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Tickler

Discussion in 'Norton Commando Motorcycles (Classic)' started by BCMike, Apr 22, 2019.

  1. BCMike

    BCMike VIP MEMBER

    Joined:
    Apr 1, 2018
    Question to all.....74 850 Commando having some issues getting started. Amal 32mm's, had manual chokes and could get it going full choke but not off. Had a Norton years back and had no choke and never needed it so as per forum suggestions and experience I took chokes out. Went over everything, intake leaks, plugged jets, needle set everything. left tickler shows gas in a few seconds right tickler takes way longer and then shows fuel but not like the left. I've taken both carbs apart and checked all jets, pathways through the carbs and adjusted the floats per spec. Just doesn't flow like it should. possible that the tickler pathway is plugged restricting flow but hard to tell...hit all over carbs in/out with air.....any ideas?
     
  2. kommando

    kommando

    Joined:
    May 7, 2005
    Have you drilled out the pilot jets with a 16 thou #78 drill, these block easily and no amount of blowing or carb cleaner will budge the crud.
     
  3. BCMike

    BCMike VIP MEMBER

    Joined:
    Apr 1, 2018
    Did not thank you for the idea.....TBC
     
  4. maylar

    maylar VIP MEMBER

    Joined:
    May 13, 2007
    And FWIW, my 74 850 wants the choke when cold. My buddy's 750 does not. Dunno why the difference.

    Difference in tickling, in my experience, is float levels.
     
    Myford likes this.
  5. BCMike

    BCMike VIP MEMBER

    Joined:
    Apr 1, 2018
    With my last Norton I could always get it started first kick with just ticklers no choke. My wish for this one....
     
  6. o0norton0o

    o0norton0o VIP MEMBER

    Joined:
    Apr 27, 2015
    Some people swear their bike needs choke to start, and other people swear the opposite. I think regardless of which method works for a person, that method is a learned process. I never use the choke lever on my 750. I do tickle both sides, then hold the throttle half open to give the bike a gulp of fuel when I kick it. It's a 1 or 2 kick bike usually. The times it might torture me a little is if it's still warm and I go to restart it and mistakenly flood it with to much fuel. It seems that if it's warm, the tickle isn't necessary but holding the slides up half way is still required.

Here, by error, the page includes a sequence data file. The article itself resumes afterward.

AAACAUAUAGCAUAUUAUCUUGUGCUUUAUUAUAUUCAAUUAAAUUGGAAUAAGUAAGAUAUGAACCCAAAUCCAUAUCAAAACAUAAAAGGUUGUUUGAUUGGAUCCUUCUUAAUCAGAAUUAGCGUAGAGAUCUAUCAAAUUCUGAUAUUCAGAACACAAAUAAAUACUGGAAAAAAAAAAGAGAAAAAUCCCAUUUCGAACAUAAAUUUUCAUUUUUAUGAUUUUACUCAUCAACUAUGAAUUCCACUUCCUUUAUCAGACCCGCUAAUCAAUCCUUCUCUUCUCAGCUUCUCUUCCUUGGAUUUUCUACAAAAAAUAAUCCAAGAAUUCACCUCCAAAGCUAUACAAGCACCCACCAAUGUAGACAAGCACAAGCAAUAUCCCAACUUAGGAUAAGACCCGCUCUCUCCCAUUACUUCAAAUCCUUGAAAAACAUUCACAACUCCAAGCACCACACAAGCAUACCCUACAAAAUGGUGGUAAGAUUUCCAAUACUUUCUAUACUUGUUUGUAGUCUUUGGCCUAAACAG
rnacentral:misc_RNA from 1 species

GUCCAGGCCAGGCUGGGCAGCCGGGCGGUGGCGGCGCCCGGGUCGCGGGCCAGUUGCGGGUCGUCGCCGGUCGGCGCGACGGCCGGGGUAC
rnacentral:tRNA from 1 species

Probably the best thing to do is to chose a proceedure to start the bike. Then pay attention to repeat it exactly numerous times. If it doesn't produce a 1 or 2 kick result, change the proceedure and repeat it to test it's result. Eventually, you'll hit on a sequence that works for your bike.
     
  7. Tornado

    Tornado VIP MEMBER

    Joined:
    Dec 5, 2017
    Have heard others suggest in other threads the tickler itself can need adjusting/extending on some carbs so that is more fully depresses the float when used. Think there's a roll pin or such under/in the tickler body.

    Another possible cause of slow tickling would be the flow rate through the petcock to that carb (if separate from the good side).
     
  8. gtiller

    gtiller VIP MEMBER

    Joined:
    Nov 5, 2012
    If you’ve got the new ‘stay up’ floats, you need to check the fuel level in the bowls rather than the float height.

    The new floats are more buoyant than the old type, so measuring a 0.08” gap between the top edge of the float and the front edge of the bowl no longer means it’s guaranteed to be set up correctly.

    Also, make sure you gave the aluminium Viton tipped float needles, NOT the brass ones, which are too heavy, and snap shut too early.

    I noticed too that Andover now sell a fuel level check kit, which will save you from needing to drill out an old float bowl drain plug and tapping it for a hose-tail fitting.
    https://andover-norton.co.uk/en/shop-details/20569
     
    Time Warp and Nater_Potater like this.

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